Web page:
In an April 12 (2010) memo from RIEDC’s Michael Saul to Mike Corso and RIEDC’s attorney Rob Stolzman, he proposes “Determine whether any local institutions (RISD endowment, RI Foundation, Hasbro, Brown endowment, State Pension fund, etc) would commit to purchase a share of bond issue.”  This is just one of ten “to do’s.”

EDC’s top staff were strategizing on how to sell the bonds, months before the bill ever hit the House floor for consideration. 

This April 12 strategy session was supposedly just a little over a month after Governor Don Carcieri and Curt Schilling met and two months before the loan guarantee program is signed into law.  

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7.

Did Rhode Island Pay for Improvements at Corso's Bar

In one email in May 2011, Mike Corso alerted top 38 Studio officials of over $600,000 in change orders to the build out of the Empire Street 38 Studios’ offices.

The change orders Corso pushed for increased the cost of contractor Nappa Constructions’ project cost from $10.9 million to $11.6 million. As GoLocal reported in 2014:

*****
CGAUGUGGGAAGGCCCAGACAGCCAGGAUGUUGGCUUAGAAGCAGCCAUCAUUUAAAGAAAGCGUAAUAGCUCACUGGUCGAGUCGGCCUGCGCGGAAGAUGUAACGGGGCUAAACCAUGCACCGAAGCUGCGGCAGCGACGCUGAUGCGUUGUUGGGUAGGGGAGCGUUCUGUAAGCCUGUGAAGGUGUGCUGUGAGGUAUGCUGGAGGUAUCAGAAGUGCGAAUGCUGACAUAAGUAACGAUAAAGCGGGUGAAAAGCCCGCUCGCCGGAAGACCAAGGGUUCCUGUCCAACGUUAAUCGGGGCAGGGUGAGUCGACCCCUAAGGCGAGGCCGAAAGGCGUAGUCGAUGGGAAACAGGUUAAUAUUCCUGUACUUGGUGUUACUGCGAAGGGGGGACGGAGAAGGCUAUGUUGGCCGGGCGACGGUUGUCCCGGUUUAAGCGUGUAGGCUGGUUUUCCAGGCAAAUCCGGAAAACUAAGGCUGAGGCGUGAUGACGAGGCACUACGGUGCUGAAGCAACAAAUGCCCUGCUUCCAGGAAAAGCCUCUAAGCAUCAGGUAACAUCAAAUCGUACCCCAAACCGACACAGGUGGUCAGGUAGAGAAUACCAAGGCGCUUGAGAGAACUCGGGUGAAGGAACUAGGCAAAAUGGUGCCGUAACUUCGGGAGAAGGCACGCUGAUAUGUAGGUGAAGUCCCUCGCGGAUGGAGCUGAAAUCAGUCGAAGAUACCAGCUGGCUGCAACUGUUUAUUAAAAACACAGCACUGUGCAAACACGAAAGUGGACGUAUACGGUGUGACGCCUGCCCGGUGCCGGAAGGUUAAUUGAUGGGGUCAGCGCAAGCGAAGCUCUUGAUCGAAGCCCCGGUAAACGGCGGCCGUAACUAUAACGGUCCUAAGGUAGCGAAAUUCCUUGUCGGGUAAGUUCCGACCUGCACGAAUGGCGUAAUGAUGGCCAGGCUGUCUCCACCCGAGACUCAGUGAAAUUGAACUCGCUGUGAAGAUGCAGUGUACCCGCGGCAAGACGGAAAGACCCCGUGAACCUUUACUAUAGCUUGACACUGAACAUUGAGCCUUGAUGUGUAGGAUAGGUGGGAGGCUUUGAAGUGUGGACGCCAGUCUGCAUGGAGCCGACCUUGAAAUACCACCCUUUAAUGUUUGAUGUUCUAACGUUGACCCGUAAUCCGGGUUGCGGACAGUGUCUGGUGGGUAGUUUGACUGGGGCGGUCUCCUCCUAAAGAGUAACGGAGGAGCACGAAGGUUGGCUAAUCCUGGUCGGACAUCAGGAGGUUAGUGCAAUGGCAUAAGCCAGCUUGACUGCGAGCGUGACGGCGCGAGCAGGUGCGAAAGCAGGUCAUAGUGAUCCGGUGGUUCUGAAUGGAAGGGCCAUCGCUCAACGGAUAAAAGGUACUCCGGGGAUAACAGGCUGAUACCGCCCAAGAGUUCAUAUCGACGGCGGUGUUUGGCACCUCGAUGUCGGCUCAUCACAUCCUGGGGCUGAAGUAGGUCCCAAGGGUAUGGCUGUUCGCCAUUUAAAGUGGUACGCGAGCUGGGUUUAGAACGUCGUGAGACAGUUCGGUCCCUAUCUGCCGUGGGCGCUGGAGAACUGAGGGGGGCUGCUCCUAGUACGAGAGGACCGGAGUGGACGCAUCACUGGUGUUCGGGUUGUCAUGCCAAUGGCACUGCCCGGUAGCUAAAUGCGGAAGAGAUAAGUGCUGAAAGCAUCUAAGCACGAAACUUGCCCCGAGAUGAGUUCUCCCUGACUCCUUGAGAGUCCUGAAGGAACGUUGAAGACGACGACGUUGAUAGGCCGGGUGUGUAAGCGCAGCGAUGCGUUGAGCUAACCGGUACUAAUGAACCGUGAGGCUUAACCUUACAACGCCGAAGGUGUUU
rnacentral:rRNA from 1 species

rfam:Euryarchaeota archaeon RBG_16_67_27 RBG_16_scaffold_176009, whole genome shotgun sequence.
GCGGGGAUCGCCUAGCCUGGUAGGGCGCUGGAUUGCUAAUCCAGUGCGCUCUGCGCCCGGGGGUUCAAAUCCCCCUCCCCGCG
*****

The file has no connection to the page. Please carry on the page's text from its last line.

A former subcontractor for 38 Studios is alleging that his firm was ordered to work on former Speaker of the House Gordon Fox's business colleague Michael Corso's bar as part of their contract - and has produced what he says is documentation to prove it.

Project manager Michael Rossi with SyNet, Inc. has revealed a budget for work which he says shows at $25,000 line item for work to be done at Corso's Tazza Cafe in 2011 -- under a job order for the failed 38 Studios.

Warwick-based SyNet bills itself as "the premier design-build low voltage contractor of structured cabling, access control, surveillance and audio visual systems in the Northeast."

"I'm changing everything on job -- these were all no bids. Nappa construction picked Rossi Electric. I realize the job can't be done the way it's designed," said Rossi. "The money was getting kicked back in the form of goods and services to Corso and Fox. I said I'm not doing this. I knew I was getting set up for jail with this. I went out on sick leave, I was done."